This he did. The fact that he was the first governor-general to have an impeccable background as a legislator and jurist helped him fulfil his constitutional duties to the highest level.
Because of the Depression, Isaacs lived frugally at Government House in Yarralumla, forgoing a quarter of his salary, his High Court pension and his official residences in Sydney and Melbourne. He also took a keen interest in the early development of Canberra.
Isaacs retired on 23 January 1936. Though he had acquitted himself superbly, the conservative government under Joseph Lyons replaced him with a Briton, Sir Alexander Hore-Ruthven VC.
Isaacs was one of Australia’s finest legal minds. It was an extraordinary feat that a man from a humble immigrant and Jewish background could have held two of the three most important offices in the land. He helped make Australia more than a collection of disparate states.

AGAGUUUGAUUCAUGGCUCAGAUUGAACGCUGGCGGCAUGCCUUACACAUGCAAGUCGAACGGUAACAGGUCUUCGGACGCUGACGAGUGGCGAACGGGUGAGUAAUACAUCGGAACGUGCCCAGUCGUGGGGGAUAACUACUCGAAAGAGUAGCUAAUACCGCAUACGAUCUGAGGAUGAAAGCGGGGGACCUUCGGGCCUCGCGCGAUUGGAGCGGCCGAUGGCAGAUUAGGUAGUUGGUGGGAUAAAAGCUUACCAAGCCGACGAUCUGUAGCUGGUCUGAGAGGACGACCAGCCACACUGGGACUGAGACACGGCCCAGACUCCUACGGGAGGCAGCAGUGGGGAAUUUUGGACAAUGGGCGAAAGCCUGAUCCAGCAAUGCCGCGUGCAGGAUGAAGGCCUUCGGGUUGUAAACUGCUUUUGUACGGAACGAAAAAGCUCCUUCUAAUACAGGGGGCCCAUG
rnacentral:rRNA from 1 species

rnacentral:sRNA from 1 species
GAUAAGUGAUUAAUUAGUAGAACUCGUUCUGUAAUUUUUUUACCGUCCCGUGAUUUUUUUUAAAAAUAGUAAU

In the words of Victorian Supreme Court Justice Sir John Barry:
his efforts were directed towards the amelioration of social misery and the uplifting of mankind
 The conference was also significant in that it established legislative equality between the dominions and Britain.
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You may also like
Role of the Governor-General, Commonwealth of Australia
Sir Isaac Alfred Isaacs, The Australian Dictionary of Biography
Zelman Cowen, Isaac Isaacs, University of Queensland Press, St Lucia, Queensland, 1993.
Max Gordon, Sir Isaac Isaacs: A Life of Service, Heinemann, Melbourne, 1963.
Michael Kirby, ‘Isaac Isaacs: Driven, difficult, influential’, Victorian Bar News, vol. 154, Summer 2013, pp. 28–31.